The Milwaukee Brewers saw enough potential in Plesac to make him the No. 26 pick in the 1983 baseball draft. He spent two-and-a-half years in the minor leagues before making the Brewers' roster out of spring training in 1986.

    For the next 18 years, Plesac was one of baseball's most durable left-handed relievers. The three-time All-Star recorded 158 career saves during stints with seven different major league franchises. He pitched in 1,064 games during his career, which ranks No. 6 in the history of major league baseball.

    He retired in 2003, after spending two years in the Phillies bullpen. In his last major league appearance, in the final game played at Philadelphia's Veterans Stadium, Plesac struck out Atlanta's Ryan Longerhans for the 1,041th strikeout of his career.

    Since then, Plesac has been a broadcaster. He spent three years doing Chicago Cubs pre-game and post-game reports for Comcast Sportsnet Chicago. Last January, Plesac signed a three-year contract to be a studio analyst on the fledgling MLB Network, joining former major leaguers like Sean Casey, Tony Clark, Barry Larkin and Harold Reynolds in providing year-round commentary about professional baseball.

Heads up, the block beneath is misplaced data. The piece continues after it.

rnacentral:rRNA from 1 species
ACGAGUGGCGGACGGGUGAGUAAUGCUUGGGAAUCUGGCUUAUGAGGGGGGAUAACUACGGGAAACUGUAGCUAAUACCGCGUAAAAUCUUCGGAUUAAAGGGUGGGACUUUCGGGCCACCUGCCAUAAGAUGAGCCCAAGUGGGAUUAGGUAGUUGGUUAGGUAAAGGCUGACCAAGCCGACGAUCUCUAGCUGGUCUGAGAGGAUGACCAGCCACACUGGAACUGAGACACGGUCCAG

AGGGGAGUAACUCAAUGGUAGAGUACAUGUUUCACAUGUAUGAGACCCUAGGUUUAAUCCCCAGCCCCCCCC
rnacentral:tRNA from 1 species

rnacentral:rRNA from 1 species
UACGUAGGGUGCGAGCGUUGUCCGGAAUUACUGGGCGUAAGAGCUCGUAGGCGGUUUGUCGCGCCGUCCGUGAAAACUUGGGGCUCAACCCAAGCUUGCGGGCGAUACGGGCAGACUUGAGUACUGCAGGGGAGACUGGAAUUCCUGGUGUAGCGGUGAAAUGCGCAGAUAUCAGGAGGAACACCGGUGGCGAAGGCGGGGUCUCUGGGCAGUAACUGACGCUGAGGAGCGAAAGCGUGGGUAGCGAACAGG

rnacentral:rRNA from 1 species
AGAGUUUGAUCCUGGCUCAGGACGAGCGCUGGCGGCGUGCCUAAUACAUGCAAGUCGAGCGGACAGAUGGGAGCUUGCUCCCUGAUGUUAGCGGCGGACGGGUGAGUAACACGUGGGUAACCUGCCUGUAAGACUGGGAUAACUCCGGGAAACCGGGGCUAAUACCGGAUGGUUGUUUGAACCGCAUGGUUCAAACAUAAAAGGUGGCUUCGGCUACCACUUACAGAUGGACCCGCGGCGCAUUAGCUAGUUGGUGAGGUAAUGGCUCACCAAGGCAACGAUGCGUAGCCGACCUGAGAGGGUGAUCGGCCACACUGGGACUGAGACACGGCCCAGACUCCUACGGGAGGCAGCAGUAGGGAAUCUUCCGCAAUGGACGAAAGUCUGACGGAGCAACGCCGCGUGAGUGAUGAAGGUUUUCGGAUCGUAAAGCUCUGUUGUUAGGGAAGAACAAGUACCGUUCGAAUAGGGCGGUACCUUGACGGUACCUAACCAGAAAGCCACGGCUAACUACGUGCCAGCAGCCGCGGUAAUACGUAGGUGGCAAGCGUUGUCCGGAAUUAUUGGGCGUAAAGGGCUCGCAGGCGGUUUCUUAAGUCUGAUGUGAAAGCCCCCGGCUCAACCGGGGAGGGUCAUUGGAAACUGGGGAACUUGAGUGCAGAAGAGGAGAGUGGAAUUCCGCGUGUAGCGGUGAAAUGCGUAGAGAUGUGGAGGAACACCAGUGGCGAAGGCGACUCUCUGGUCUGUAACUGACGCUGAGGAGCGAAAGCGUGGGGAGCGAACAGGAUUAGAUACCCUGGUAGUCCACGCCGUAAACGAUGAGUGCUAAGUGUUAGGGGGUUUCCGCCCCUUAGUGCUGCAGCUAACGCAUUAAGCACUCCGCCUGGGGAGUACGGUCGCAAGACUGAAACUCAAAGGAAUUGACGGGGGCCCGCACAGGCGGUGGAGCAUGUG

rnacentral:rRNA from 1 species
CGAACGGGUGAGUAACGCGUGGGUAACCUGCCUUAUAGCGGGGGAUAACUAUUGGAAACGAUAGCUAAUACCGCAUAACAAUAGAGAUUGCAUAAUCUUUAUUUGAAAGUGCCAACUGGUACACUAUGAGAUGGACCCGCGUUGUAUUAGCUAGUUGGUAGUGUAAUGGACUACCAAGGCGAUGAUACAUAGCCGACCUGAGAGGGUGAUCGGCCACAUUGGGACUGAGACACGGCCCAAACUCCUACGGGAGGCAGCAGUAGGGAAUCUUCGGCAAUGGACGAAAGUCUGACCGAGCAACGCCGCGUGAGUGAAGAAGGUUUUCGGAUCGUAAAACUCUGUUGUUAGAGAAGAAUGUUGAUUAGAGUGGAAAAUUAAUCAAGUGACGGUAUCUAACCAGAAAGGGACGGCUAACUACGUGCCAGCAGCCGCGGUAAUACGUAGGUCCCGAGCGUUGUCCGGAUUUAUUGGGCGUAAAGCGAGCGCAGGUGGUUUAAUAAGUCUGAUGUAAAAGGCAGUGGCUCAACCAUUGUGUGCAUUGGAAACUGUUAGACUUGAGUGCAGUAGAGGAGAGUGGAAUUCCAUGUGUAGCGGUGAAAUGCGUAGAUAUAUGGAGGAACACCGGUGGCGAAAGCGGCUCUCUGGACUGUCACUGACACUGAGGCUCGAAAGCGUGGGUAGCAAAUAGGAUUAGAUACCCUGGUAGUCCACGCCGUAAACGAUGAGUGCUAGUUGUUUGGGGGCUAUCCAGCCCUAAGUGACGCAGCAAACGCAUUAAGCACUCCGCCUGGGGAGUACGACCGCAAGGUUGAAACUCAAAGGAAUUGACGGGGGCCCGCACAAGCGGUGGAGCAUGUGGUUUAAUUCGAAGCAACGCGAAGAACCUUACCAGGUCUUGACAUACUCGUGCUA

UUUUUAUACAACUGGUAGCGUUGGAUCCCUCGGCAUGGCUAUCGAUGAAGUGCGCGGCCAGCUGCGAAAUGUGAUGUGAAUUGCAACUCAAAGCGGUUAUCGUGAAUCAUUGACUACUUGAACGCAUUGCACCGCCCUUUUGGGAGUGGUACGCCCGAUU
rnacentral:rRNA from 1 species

His last assignment was to cover the Caribbean World Series, which sounds like more fun than it actually was. He covered the weeklong event, played in Venezuela, from the MLB Network offices in Secaucus, N.J., where he was covered in a little over two feet of snow.

    "While you are playing, you don't look at what your next career is going to be after baseball," said Plesac, who also dabbled in harness racing in Chicago. "I kind of fell into this. It's been a great move for me, covering 30 teams and staying up on top of rosters, trades, free agents.

    "It's been a lot of fun, but it's a full-time, 365-day, 24/7 job. Even when you do get a little bit of a break, you can never really turn the game off. You have to constantly stay updated with what is going on. It's not just with one team."

    But, from his early playing experiences, Plesac learned to embrace the challenges of his new career. In short, he loves what he is doing.

    "It's kind of like playing," Plesac said. "You get out of it what you put into it. We are on long shifts of about 3-4 hours at a time. If there is a team you don't know or if there is a trade you don't know about that happened three or four days ago, you can become very easily exposed in a matter of seconds.

    "So I try to stay as informed as I can."

    Plesac spends most of the baseball season in New Jersey, from March 1 until the end of the World Series. He spends the rest of the year in his hometown of Crown Point, Ind., where his two daughters, Madeline and Natalie are in high school. Madeline, a senior, recently won the Indiana Miss Teen USA pageant and will compete in the national pageant in the Bahamas this summer.

    It may have taken a while, but Plesac has fully embraced baseball.

    "It truly is the greatest game in the world," Plesac said. "It just took me a little while to realize that."

    You may contact Tim Peeler at